Maturitas 04/2013; 74(4):375–382. · 2.84 Impact Factor
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    ABSTRACT: OBJECTIVE: Mild to moderate therapeutic hypothermia (TH) has been shown to improve survival and neurologic outcome, as well as to reduce healthcare costs in patients resuscitated from out-of-hospital cardiac arrest (OHCA) with ventricular fibrillation. Accordingly, the American Heart Association has categorized this as a Class IB intervention. The therapeutic window for initiating TH is narrow, and thus, achieving target temperature expeditiously is of paramount importance to improve postresuscitative neurologic outcome. The present investigation is a feasibility study designed to assess the practicality and efficacy of including pericranial cooling in our postresuscitative TH protocol. Specifically, we compared time required to achieve target temperature (33°C) using our present standard of TH care (ie, conductive body cooling, conventional TH group) versus combined conductive body cooling plus convective (forced-air) head and neck cooling (combined TH group). DESIGN: Adult patients who experienced OHCA were included in the study provided TH could be initiated within 4 hours of resuscitation from ventricular fibrillation. Patients enrolled in both groups were cooled using the servo-controlled Arctic Sun conductive cooling system (Medivance, Inc, Louisville, CO). However, patients enrolled in the combined TH group also received forced-air pericranial cooling with an ambient temperature of approximately 13°C. In all cases, the target core (bladder) temperature was 33°C. The primary endpoint (ie, time required to achieve a core temperature of 33°C) was analyzed as a continuous variable and compared between groups using the rank sum test, whereas categorical variables were compared between groups using the chi-square test. SETTING: Cardiac intensive care unit at a major tertiary care teaching center in Rochester, MN. PARTICIPANTS: Adult patients who experienced OHCA were included in the study. INTERVENTIONS: Patients enrolled in both groups were cooled using the servo-controlled Arctic Sun conductive cooling system (Medivance, Inc, Louisville, CO). However, patients enrolled in the combined TH group also received forced-air pericranial cooling with an ambient temperature of approximately 13°C. MEASUREMENTS: Only patients admitted after January 1, 2008, were included in the analysis (28 combined TH group patients v 55 conventional TH group patients). Demographic data were similar between groups. When compared with the conventional TH group, time to achieve 33°C was significantly shorter in the combined TH group: 207 minutes (173 and 286min) [median (25th, 75th percentile)] v 181 minutes (63 and 247min). The magnitude and frequency of hypothermia-mediated physiologic perturbations (eg, hypokalemia) were similar for both groups. CONCLUSIONS: Both TH cooling paradigms effectively achieved 33°C; however, the combined TH technique significantly decreased the time required to achieve the target temperature. Although not evaluated in this study, such an effect may further improve postresuscitative neurologic outcomes beyond that previously described using conventional TH. Although a positive result (ie, abbreviated time taken to achieve target temperature) was observed, we maintain guarded enthusiasm for this evolving adjunctive technique until corroborative outcome-based evidence is available.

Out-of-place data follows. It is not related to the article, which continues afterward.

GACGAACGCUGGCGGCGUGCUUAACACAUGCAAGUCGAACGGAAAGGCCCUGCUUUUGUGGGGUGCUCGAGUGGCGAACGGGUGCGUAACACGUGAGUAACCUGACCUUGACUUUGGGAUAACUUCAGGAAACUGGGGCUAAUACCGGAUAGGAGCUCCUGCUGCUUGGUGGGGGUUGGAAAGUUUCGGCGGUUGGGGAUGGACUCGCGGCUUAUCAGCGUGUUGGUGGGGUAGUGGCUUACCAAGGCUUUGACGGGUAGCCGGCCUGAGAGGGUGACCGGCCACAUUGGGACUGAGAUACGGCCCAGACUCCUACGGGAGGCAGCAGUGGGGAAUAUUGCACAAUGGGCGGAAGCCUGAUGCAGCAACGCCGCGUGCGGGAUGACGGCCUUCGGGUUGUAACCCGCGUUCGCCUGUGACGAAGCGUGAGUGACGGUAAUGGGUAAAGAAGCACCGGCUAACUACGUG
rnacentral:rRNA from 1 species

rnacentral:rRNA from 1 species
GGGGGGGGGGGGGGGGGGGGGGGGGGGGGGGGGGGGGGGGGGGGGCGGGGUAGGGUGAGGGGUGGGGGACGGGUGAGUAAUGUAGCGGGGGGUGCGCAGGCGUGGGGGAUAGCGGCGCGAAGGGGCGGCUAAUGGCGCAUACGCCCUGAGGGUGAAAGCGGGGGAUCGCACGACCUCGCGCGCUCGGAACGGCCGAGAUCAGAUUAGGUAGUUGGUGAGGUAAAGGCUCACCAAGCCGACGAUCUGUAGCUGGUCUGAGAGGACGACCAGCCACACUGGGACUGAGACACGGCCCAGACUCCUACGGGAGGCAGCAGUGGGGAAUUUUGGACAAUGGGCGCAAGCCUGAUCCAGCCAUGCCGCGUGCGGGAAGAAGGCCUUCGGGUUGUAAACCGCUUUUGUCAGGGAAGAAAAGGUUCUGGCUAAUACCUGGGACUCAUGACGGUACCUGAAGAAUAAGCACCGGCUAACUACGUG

Journal of cardiothoracic and vascular anesthesia 04/2013; 27(2):288-291. · 1.06 Impact Factor

Publication Stats

7k Citations
1,253.37 Total Impact Points

Institutions

  • 1995–2014
    • Mayo Clinic - Rochester
      • • Department of Anesthesiology
      • • Department of Psychiatry & Psychology
      • • Department of Health Science Research
      • • Department of Pulmonary and Critical Care Medicine
      Rochester, Minnesota, United States
  • 1999–2013
    • Mayo Foundation for Medical Education and Research
      • • Department of Anesthesiology
      • • Division of Hematology
      Rochester, Michigan, United States
  • 2012
    • University Hospital Centre Zagreb
      • Department of Pediatrics
      Zagreb, Grad Zagreb, Croatia
  • 2009
    • Clinical Hospital Merkur
      Zagrabia, Grad Zagreb, Croatia
  • 2007
    • Mayo Clinic
      Jacksonville, Florida, United States
  • 2005–2006
    • University of Kentucky
      • Department of Behavioral Science
      Lexington, KY, United States
  • 2004
    • University of Minnesota Rochester
      Rochester, Minnesota, United States